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26 March 2018 Photo Pixabay
Back to the drawing board to save water
We’ve managed to damage nature’s ‘filter’ with air, ocean, and soil pollution, and by destroying wetlands.

Dr Cindé Greyling, a University of the Free State (UFS) DiMTEC (Disaster Management Training and Education Centre for Africa) alumni, studied drought mitigation with a strong focus on communicating important water-saving information. 

Can we run out of water?
Yes, and no, says Dr Greyling. “To our knowledge, water is not ‘leaking’ through our atmosphere. We have what we have, but that doesn’t mean we will have enough clean, fresh water forever. Nature has a magnificent way of purifying water through the water cycle. We, on the other hand, must use a lot of money and energy to purify water. Also, we’ve managed to damage nature’s ‘filter’ with air, ocean, and soil pollution, and by destroying wetlands. The other problem is a simple supply and demand scenario. More people will need more water, but not only that, population growth calls for industry development and increased food supplies – all of which require more water.”    

A war over water
Besides some Hollywood impressions, it is difficult to imagine a war over water, but it is possible. “Some experts are convinced that we are heading there, and others claim that such tensions already exist. Personally, I don’t favour these kinds of shock tactics (or truths) – social research has shown us that it rarely leads to behavioural changes. We can learn a lot from what was has been done in Cape Town. Although we all think people were bombarded with ‘Day-Zero’-scares, they were actually encouraged to adapt their behaviour with a communication campaign that hardly ever used the term ‘Day-Zero’. This approach mobilised citizens to reach record lows of water usage.” 

Adapt a new normal
Dr Greyling encourages the “new normal” set in motion by Capetonians. “Water consciousness is needed, even when the rain comes again. We’ve taken water for granted for too long. As consumers, we have the power to turn this situation around – drop for drop. Be aware about the amount of water you use, how you use it, and for what. Keep in mind that any wastage and pollution (of ‘dry’ things) also wastes and pollutes water. Generally, we need to behave better regarding consumption.”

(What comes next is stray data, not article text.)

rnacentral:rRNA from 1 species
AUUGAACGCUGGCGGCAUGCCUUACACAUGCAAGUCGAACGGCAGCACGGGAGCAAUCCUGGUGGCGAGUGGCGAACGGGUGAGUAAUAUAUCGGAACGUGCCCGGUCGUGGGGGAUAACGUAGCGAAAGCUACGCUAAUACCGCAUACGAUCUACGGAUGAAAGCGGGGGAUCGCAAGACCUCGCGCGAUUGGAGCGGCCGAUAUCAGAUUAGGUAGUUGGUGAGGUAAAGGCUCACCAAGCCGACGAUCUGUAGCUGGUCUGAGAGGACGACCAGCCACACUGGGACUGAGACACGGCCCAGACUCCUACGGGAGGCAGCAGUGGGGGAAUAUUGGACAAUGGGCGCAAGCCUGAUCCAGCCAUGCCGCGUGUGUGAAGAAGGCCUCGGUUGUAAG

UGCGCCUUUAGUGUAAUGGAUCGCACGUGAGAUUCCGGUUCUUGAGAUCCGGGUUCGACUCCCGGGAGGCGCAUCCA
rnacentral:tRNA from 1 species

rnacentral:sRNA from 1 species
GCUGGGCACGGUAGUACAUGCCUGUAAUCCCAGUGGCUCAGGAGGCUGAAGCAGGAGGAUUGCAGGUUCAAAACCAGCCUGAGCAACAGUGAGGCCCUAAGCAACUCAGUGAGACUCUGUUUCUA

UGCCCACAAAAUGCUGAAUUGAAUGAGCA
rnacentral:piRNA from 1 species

News Archive

Zakes Mda honoured at UFS Summer Graduation
2013-11-21

 
The awarded author, Dr Zakes Mda, received his honorary doctorate at the University of the Free State at the December Graduation Ceremony. Pictured here with him is Dr Khotso Mokhele, Chancellor of the UFS.

Live streaming will be available: http://www.ufs.ac.za/ufslivestreaming/ 

On Thursday 5 December 2013, the University of the Free State (UFS) will award more than 300 degrees and qualifications during the Summer graduation at the Bloemfontein Campus.

The graduation will take place during two ceremonies in the Callie Human Centre, where master’s and PhD degrees will be awarded during the first ceremony at 10:15 and diplomas, certificates and undergraduate qualifications awarded to students from the School of Open Learning and the Faculty of Health Sciences at 14:30.

An honorary doctorate from the UFS will also be bestowed on the author, Dr Zakes Mda, during the morning ceremony.

Dr Mda is a South African literary icon and public intellectual with extraordinary local and international influence. Mda’s contribution to world literature and contemporary South African public life resonates powerfully with some of the fundamental principles of the Academic and Human Projects articulated in the strategic thrust of the University of the Free State, which makes him an ideal candidate for an honorary doctorate from our university.

Some of his most famous works include Ways of Dying, Heart of Redness, The Madonna of Excelsior, The Whale Caller, Cion, Black Diamond and his recent memoir: Sometimes There is a Void: Memoirs of an Outsider.

The Springbok rugby player, Jannie du Plessis, will address graduandi during both ceremonies.

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